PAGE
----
1869/1870 Transitional Velocipede with Duplex Tubing

 

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TRANSITIONALS: This velocipede is built to a very high standard. The carving of the metal would have been extremely time-consuming for the metalworker, so this would not have been a cheap machine. It is considered a ‘transitional’ model because the rear wheel is smaller than the first generation of velocipedes. A ‘transitional’ design is therefore part-way between the velocipede and the ordinary (penny farthing).blackDESIGN: The British bicycle industry was founded in 1869 as a result of the French war with Prussia. Coventry took over as the world centre of velocipede construction. I’m not sure whether this machine is French or English. The manufacturers in both countries built top quality velocipedes: English firms tended to focus on engineering side of the build, with innovations in functionality, while the French makers were known for their flair in design.blackDUPLEX TUBING: The unqiue design feature of this velocipede is the backbone’s twin frame tubing. This is surely the oldest surviving example of duplex tubing? Duplex frames – side-by-side top tubes – became popular with manufacturers at various times in cycle history, starting in the early 1890s. The ‘Premier Model F’ was the most successful twin frame model marketed in Britain, while the Columbia Light Roadster Safety was the leading example in the USA. The design reappeared on the Moorson Superior Twin Tube in the 1930s. But the best-known bicycle using duplex tubing is the BSA Airborne folding paratrooper bicycle of World War 2.
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1869/1870 Transitional Velocipede with Duplex Tubing
38″ Front Wheel
22″ Rear Wheel
(Now sold)
 
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The tubes on this velocipede and its ornate curves set it apart from all other velocipedes of the era. The variety of the machines that were produced in just the few years of its currency (1868-1870) continues to fascinate students of the velocipede.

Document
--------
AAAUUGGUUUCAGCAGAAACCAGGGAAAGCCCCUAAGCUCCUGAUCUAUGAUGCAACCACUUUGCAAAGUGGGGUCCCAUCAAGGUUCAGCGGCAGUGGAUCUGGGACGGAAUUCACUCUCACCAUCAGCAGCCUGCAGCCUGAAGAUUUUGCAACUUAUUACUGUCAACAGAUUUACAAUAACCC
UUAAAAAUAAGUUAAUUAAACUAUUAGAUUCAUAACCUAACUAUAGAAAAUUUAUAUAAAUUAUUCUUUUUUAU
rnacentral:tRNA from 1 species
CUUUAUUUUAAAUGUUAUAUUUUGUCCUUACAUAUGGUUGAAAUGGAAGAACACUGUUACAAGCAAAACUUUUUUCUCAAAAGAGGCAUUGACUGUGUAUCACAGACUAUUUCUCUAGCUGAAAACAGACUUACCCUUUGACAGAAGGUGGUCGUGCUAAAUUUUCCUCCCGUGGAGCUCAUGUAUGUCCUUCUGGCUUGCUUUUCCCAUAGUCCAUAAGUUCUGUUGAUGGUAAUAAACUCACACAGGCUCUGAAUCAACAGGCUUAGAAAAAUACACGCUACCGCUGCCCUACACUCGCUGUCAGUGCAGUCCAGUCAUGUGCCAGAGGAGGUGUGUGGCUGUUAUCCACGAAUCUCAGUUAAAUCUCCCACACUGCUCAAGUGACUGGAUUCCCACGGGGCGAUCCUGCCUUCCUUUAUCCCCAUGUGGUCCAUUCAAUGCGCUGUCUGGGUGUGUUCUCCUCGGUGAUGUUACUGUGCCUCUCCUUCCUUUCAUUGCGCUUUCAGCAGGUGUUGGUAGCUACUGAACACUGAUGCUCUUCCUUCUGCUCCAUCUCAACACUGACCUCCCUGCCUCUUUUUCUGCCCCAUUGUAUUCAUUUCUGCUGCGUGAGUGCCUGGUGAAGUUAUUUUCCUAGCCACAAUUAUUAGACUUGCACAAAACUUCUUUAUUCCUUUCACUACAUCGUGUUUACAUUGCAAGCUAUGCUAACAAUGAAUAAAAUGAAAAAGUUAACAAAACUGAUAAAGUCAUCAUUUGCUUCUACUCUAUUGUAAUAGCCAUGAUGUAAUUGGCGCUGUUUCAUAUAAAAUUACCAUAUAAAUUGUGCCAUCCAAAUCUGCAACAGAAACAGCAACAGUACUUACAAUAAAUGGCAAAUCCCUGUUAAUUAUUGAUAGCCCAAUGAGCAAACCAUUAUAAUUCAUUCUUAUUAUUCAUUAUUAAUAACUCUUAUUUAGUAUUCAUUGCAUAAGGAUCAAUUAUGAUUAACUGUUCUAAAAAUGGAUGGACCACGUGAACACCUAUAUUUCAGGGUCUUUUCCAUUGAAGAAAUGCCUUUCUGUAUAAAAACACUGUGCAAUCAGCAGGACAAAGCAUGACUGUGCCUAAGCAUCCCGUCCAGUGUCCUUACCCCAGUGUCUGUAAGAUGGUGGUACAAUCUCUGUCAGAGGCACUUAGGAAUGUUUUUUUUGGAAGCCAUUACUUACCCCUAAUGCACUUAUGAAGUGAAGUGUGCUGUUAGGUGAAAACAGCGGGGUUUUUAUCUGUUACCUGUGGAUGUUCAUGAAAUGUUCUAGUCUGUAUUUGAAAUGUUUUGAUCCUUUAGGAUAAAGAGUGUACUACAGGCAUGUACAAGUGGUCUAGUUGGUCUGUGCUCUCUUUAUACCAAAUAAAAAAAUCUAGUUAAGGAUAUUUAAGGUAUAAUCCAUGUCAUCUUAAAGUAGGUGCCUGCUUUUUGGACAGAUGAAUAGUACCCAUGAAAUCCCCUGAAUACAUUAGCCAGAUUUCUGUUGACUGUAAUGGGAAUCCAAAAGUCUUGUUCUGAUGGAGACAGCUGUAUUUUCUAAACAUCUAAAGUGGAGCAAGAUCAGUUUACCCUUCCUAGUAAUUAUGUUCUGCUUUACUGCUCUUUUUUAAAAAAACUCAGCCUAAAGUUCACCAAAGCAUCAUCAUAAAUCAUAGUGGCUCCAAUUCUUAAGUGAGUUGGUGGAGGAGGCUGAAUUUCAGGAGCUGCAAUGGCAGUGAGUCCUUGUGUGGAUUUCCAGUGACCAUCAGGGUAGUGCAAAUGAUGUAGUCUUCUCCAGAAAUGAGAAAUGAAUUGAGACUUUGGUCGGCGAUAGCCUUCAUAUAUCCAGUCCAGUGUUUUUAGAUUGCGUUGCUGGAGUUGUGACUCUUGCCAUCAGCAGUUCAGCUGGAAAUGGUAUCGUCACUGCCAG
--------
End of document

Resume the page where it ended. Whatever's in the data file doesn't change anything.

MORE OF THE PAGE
This example is in very good unrestored condition with no apparent damage anywhere and solid metal throughout.
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It has been through the hands of some of this country’s leading velocipede enthusiasts. Glynn Stockdale found it in 1980, hanging up in an antique dealer’s showroom without wheels. The wheels were added a year later by Nick Clayton, who has recently written an excellent book on the history of velocipedes. The wheels are in excellent condition. I bought the velocipede some years ago, and took photos of it at Lewes Castle. My friend Phil then took a fancy to it, so I passed it on to him. This week he decided to rationalise his colletion so he sold it back to me.
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FEMALE VELOCIPEDE RIDERS

At first the press did not fully appreciate the achievements of this new machine and what it meant for the future. However, soon everyone started to recognize the importance of this new mode of transport – a velocipede may have been expensive, but it did not need food and stabling like a horse. And it could be used for independent long-distance travel. It required athletic abilities for long journeys, was dangerous down hills, and it scared the living daylight out of other road users and pedestrians …but a velocipede is actually surprisingly reliable. Velocipedes were raced extensively. In France, even women raced velocipedes! Below you can see the first ladies’ velocipede race (Le Monde Illustre, 1st November, 1868).

The American Harper’s Weekly (19th December 1868) covered the story too; but in their illustration, below, the women’s bare legs have been covered!

The weekly satirical magazine The Ferret added to comments of the day. Its cover of March 22nd, 1870, illustrates women riding velocipedes with extremely risque attire.

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DUPLEX TUBING: HISTORIC EXAMPLES